But perhaps the most fascinating aspect of this case – for both fans of motor racing and high-profile trials – is the effect it could have on Ecclestone’s all-powerful position at the top of the money-making giant that is Formula One. The legal saga is making it hard to re-energise a stalled effort to launch an initial public offering of Formula One on the Singapore stock market. Added to this, Ecclestone has decided – or even been told by colleagues – to step down as director of Formula One’s holding company until the trial is complete. A politely-worded statement made it clear that Ecclestone would still be involved and would run the company on a day-to-day basis “but subject to increased monitoring and control by the board’’.
What happens after the court case will no doubt depend on the outcome. But whatever the final verdict in the German court, there is no doubt Formula One’s name has been sullied. The mere fact that its top man and most visible representative is being talked about in the same sentence as multi-million dollar bribes is bad enough. If the verdict goes against Ecclestone, the outcome for the sport could be devastating.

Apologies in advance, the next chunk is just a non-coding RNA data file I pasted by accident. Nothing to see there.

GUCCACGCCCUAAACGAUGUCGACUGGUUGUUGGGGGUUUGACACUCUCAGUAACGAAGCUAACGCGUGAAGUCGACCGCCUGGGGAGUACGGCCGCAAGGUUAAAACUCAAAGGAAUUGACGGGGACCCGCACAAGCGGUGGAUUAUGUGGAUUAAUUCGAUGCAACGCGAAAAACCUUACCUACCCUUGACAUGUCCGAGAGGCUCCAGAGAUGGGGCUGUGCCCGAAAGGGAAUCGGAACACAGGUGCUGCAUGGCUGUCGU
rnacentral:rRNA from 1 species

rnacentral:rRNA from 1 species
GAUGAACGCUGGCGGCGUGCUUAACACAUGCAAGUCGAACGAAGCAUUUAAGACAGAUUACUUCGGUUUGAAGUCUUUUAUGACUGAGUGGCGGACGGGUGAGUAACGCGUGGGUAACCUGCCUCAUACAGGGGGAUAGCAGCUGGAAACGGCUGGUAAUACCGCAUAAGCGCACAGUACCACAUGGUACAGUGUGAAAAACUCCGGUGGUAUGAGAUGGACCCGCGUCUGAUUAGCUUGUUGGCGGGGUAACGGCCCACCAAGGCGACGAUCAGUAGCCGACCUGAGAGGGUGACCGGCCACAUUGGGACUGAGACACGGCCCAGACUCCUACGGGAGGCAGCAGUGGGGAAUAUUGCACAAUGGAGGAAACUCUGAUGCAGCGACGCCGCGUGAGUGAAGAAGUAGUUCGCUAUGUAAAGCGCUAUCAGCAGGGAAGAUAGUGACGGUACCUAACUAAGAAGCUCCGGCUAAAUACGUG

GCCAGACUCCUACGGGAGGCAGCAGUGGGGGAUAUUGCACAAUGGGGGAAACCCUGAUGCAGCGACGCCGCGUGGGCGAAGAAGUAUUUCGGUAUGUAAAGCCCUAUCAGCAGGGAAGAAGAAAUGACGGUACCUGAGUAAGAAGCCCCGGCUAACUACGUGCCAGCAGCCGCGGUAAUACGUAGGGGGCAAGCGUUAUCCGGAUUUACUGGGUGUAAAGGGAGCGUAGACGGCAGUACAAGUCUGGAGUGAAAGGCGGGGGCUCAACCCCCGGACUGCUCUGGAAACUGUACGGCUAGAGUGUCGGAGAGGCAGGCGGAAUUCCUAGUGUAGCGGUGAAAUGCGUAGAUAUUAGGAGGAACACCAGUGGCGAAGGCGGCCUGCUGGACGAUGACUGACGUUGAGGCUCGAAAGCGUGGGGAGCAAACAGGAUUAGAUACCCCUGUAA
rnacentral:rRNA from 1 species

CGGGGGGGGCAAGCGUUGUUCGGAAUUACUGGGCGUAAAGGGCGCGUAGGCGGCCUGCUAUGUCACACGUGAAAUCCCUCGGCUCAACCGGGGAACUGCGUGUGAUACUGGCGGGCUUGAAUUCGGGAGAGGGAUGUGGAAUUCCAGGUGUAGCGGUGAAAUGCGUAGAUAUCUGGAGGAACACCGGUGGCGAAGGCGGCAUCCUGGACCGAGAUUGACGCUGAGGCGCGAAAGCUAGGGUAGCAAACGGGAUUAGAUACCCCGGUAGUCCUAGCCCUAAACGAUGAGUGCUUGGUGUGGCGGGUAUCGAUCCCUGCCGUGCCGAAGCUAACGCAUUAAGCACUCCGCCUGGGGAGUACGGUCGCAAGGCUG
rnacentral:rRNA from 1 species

The statement issued by the F1 board takes a very neutral stance; stating that it held a meeting, that Ecclestone assured them of his innocence and that a few responsibilities would now be shared between other senior personnel. Its line about Ecclestone now being subject to increased monitoring and control is the one part of it that leaps out.
Putting it in its bluntest possible terms, F1 realises it has a problem and does not want it to happen again. By “keeping an eye’’ on its top man (even if he is temporarily away from his position) it hopes to make sure there are no repeat embarrassments. No worldwide mega brand wants bad publicity, whether it is deserved or not.
At this point, motor racing fans are sitting and wondering what the huge bribery case will mean for the sport they love. Celebrity addicts will be watching to see what happens to the high-profile F1 chief with the media-hogging daughters. And the F1 board will be trying to get to the bottom of exactly has or hasn’t happened.